Relationships and Talking about Pain Study


How do you talk to your partner about your pain? Or don't you talk about it? A new study investigates the reasons why people talk or don't talk about their pain. One of the co-investigators talks about the background for the study and how you can participate:

"One of the hardest things about living with chronic pain is talking to others about your pain. And this can be especially challenging in your relationship with your partner or spouse. A study currently seeking participants aims to identify the goals behind why people communicate — or don’t communicate — about their pain to their partner. Earlier this week, I spoke to co-investigator Somayyeh Mohammadi, Ph.D., about the study.


Dr. Mohammadi studied for a doctorate degree in the Netherlands and is now working in Canada. She has a background of working in the field of chronic pain, primarily focusing on “the relationship between patients with chronic pain and their partners and main family caregivers.” She is particularly interested in “how family and caregivers can impact the chronicity of the pain or how pain and living with an individual with chronic pain can impact the health of the other person.”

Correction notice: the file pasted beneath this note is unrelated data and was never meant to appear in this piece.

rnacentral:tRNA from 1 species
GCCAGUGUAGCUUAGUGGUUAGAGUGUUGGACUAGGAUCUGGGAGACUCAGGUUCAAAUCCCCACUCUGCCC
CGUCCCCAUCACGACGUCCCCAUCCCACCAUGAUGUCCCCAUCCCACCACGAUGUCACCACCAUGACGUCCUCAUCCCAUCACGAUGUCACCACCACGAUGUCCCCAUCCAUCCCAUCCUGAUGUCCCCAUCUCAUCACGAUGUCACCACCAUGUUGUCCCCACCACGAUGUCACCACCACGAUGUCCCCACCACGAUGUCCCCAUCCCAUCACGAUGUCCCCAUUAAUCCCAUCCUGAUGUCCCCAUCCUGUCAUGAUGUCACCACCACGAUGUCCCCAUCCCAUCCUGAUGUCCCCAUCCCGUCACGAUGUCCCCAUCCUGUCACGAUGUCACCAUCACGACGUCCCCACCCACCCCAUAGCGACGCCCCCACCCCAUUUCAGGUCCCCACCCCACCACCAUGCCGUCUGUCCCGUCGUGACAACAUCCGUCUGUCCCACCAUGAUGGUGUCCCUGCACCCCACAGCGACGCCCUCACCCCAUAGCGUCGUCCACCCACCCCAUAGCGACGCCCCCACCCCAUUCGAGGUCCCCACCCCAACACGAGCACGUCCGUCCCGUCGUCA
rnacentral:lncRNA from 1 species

She’s currently doing postdoctoral work in Halifax, Canada, with a focus on two areas. One is "pediatric pain and the impact of parental pain on the children's well-being." Secondly, Dr. Mohammadi is working on a study on pain communication at the Couples and Sexual Health Research Laboratory in the Department of Psychology and Neuroscience at Dalhousie University in Halifax. The focus of this research, which is led by Natalie Rosen, Ph.D., is to investigate “why some individuals with chronic pain decide to communicate their pain to their partners and why some decide not to.”"

Read the rest of the interview and learn how you can participate in the study on HealthCentral.

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